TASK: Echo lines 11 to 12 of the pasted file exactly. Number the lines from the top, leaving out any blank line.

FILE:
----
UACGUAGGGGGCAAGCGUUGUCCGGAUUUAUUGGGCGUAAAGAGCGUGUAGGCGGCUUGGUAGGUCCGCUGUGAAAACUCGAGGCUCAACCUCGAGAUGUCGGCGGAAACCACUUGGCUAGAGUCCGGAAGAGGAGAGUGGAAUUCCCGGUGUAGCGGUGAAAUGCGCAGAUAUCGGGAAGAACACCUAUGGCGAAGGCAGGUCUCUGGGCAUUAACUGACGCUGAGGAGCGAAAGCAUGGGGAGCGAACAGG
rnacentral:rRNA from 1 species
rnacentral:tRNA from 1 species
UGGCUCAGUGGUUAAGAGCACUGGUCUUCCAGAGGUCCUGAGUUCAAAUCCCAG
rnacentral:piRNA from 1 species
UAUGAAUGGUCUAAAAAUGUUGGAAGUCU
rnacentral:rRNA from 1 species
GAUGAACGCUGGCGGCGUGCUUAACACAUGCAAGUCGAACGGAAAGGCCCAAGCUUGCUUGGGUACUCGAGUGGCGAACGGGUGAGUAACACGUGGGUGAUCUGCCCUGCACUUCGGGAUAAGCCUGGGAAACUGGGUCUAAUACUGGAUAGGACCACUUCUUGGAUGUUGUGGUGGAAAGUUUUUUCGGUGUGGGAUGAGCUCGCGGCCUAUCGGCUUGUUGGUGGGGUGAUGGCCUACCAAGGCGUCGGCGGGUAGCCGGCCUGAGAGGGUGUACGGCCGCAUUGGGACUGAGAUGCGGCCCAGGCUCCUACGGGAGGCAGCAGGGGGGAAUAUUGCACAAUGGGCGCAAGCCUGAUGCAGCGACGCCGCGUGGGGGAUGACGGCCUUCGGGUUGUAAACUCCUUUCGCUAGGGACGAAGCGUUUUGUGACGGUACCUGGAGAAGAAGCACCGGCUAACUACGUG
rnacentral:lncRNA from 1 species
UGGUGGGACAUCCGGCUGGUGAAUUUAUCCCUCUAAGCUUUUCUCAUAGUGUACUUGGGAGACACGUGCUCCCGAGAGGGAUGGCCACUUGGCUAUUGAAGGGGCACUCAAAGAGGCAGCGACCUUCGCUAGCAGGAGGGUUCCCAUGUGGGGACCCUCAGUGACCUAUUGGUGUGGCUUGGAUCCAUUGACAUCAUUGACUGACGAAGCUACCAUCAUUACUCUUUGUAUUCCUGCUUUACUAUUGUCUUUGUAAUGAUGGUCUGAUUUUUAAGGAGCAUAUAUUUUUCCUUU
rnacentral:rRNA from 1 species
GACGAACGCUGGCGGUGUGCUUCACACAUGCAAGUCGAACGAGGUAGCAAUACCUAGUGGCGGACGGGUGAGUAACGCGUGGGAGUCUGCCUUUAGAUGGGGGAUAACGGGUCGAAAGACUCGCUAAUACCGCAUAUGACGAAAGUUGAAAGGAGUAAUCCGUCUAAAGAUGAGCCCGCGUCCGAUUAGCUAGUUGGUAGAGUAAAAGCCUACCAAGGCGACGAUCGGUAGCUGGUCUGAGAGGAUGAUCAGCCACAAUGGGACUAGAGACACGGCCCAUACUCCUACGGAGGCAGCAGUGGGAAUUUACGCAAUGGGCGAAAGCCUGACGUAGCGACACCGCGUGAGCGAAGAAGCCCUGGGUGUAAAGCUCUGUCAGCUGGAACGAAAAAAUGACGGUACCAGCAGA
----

rnacentral:rRNA from 1 species
GACGAACGCUGGCGGUGUGCUUCACACAUGCAAGUCGAACGAGGUAGCAAUACCUAGUGGCGGACGGGUGAGUAACGCGUGGGAGUCUGCCUUUAGAUGGGGGAUAACGGGUCGAAAGACUCGCUAAUACCGCAUAUGACGAAAGUUGAAAGGAGUAAUCCGUCUAAAGAUGAGCCCGCGUCCGAUUAGCUAGUUGGUAGAGUAAAAGCCUACCAAGGCGACGAUCGGUAGCUGGUCUGAGAGGAUGAUCAGCCACAAUGGGACUAGAGACACGGCCCAUACUCCUACGGAGGCAGCAGUGGGAAUUUACGCAAUGGGCGAAAGCCUGACGUAGCGACACCGCGUGAGCGAAGAAGCCCUGGGUGUAAAGCUCUGUCAGCUGGAACGAAAAAAUGACGGUACCAGCAGA